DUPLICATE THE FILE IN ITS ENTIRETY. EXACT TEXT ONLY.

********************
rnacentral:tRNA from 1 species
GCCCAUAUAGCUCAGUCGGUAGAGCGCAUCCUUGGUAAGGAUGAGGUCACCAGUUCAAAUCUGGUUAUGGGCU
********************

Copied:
rnacentral:tRNA from 1 species
GCCCAUAUAGCUCAGUCGGUAGAGCGCAUCCUUGGUAAGGAUGAGGUCACCAGUUCAAAUCUGGUUAUGGGCU